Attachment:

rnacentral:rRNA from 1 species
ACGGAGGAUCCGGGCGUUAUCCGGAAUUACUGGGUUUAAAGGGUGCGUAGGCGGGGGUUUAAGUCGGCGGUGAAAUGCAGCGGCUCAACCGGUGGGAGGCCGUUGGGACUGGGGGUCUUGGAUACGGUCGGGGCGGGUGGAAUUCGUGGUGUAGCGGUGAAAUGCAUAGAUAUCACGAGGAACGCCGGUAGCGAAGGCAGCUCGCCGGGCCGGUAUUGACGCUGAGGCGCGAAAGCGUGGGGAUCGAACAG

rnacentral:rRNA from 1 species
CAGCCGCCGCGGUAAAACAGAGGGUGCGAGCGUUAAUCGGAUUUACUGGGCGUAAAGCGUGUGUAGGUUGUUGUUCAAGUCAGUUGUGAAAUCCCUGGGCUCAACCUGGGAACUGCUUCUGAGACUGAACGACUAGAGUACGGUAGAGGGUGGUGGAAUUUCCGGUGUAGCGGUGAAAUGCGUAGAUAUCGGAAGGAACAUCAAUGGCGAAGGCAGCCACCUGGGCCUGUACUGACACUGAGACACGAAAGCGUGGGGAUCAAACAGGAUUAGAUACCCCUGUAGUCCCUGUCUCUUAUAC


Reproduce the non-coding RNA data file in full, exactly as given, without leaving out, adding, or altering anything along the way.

rnacentral:rRNA from 1 species
ACGGAGGAUCCGGGCGUUAUCCGGAAUUACUGGGUUUAAAGGGUGCGUAGGCGGGGGUUUAAGUCGGCGGUGAAAUGCAGCGGCUCAACCGGUGGGAGGCCGUUGGGACUGGGGGUCUUGGAUACGGUCGGGGCGGGUGGAAUUCGUGGUGUAGCGGUGAAAUGCAUAGAUAUCACGAGGAACGCCGGUAGCGAAGGCAGCUCGCCGGGCCGGUAUUGACGCUGAGGCGCGAAAGCGUGGGGAUCGAACAG

rnacentral:rRNA from 1 species
CAGCCGCCGCGGUAAAACAGAGGGUGCGAGCGUUAAUCGGAUUUACUGGGCGUAAAGCGUGUGUAGGUUGUUGUUCAAGUCAGUUGUGAAAUCCCUGGGCUCAACCUGGGAACUGCUUCUGAGACUGAACGACUAGAGUACGGUAGAGGGUGGUGGAAUUUCCGGUGUAGCGGUGAAAUGCGUAGAUAUCGGAAGGAACAUCAAUGGCGAAGGCAGCCACCUGGGCCUGUACUGACACUGAGACACGAAAGCGUGGGGAUCAAACAGGAUUAGAUACCCCUGUAGUCCCUGUCUCUUAUAC